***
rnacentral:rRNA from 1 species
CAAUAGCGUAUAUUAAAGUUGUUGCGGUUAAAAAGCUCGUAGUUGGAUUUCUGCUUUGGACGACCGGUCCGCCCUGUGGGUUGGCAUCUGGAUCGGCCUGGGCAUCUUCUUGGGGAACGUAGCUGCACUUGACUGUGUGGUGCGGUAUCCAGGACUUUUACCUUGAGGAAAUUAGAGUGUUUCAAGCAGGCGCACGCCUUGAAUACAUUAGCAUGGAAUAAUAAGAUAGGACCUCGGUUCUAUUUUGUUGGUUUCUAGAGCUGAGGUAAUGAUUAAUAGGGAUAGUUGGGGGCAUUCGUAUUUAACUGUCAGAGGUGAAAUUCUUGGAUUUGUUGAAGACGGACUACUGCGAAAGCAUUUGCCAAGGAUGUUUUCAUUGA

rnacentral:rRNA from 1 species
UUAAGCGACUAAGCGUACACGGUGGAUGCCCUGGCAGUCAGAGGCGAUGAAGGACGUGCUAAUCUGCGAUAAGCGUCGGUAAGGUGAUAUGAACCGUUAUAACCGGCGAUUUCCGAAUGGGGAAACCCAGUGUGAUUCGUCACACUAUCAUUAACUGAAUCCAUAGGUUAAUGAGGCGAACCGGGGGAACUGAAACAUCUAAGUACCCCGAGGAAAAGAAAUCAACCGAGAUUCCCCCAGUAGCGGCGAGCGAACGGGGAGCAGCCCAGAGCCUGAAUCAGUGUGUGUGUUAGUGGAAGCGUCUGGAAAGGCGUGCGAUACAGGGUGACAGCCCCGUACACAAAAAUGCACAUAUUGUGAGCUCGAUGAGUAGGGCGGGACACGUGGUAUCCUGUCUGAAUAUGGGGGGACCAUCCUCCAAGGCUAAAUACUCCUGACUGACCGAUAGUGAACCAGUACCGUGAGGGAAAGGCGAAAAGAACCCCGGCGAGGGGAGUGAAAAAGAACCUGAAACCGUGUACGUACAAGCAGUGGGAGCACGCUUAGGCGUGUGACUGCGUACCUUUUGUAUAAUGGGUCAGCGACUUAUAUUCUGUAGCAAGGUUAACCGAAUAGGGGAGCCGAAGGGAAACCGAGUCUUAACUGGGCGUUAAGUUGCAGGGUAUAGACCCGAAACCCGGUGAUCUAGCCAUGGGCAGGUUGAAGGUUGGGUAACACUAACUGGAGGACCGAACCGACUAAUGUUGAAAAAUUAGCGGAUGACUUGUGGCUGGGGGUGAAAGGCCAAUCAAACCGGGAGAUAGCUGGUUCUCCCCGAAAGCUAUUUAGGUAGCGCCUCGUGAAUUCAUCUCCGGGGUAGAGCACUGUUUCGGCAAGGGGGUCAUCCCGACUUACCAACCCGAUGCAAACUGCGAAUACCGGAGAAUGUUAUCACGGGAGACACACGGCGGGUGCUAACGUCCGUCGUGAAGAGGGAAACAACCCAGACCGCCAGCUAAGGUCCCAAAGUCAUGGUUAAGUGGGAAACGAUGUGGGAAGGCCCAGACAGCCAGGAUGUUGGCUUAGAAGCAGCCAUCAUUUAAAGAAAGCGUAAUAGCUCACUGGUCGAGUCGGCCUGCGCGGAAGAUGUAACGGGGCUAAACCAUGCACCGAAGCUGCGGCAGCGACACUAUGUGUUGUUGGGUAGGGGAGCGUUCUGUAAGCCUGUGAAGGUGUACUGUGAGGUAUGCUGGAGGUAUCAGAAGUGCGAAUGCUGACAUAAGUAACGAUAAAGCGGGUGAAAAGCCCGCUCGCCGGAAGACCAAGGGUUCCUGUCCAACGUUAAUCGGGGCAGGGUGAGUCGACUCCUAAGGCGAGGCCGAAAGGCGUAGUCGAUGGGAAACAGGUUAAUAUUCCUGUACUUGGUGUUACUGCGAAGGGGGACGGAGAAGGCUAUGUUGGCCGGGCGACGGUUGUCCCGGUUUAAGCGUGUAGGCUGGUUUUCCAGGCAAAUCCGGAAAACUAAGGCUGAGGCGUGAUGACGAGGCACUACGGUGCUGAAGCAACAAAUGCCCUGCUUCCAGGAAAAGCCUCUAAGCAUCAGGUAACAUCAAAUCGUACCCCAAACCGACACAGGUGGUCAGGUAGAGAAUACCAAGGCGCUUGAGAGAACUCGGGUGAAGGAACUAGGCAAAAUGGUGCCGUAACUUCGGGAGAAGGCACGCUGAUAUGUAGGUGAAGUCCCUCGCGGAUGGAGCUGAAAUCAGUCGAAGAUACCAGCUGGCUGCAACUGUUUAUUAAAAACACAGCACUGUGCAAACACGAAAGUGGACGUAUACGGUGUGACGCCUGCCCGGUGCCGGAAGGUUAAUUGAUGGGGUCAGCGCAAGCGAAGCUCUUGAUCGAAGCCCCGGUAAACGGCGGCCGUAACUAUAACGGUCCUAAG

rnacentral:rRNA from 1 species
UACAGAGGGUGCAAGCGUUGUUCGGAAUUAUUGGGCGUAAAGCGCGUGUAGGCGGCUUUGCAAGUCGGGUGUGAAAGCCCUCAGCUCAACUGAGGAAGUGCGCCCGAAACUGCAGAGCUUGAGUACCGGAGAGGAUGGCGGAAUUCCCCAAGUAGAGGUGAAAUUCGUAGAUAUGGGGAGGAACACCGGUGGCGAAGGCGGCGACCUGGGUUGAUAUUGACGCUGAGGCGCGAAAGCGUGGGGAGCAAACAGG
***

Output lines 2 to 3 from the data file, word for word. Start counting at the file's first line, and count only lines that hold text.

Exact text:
CAAUAGCGUAUAUUAAAGUUGUUGCGGUUAAAAAGCUCGUAGUUGGAUUUCUGCUUUGGACGACCGGUCCGCCCUGUGGGUUGGCAUCUGGAUCGGCCUGGGCAUCUUCUUGGGGAACGUAGCUGCACUUGACUGUGUGGUGCGGUAUCCAGGACUUUUACCUUGAGGAAAUUAGAGUGUUUCAAGCAGGCGCACGCCUUGAAUACAUUAGCAUGGAAUAAUAAGAUAGGACCUCGGUUCUAUUUUGUUGGUUUCUAGAGCUGAGGUAAUGAUUAAUAGGGAUAGUUGGGGGCAUUCGUAUUUAACUGUCAGAGGUGAAAUUCUUGGAUUUGUUGAAGACGGACUACUGCGAAAGCAUUUGCCAAGGAUGUUUUCAUUGA

rnacentral:rRNA from 1 species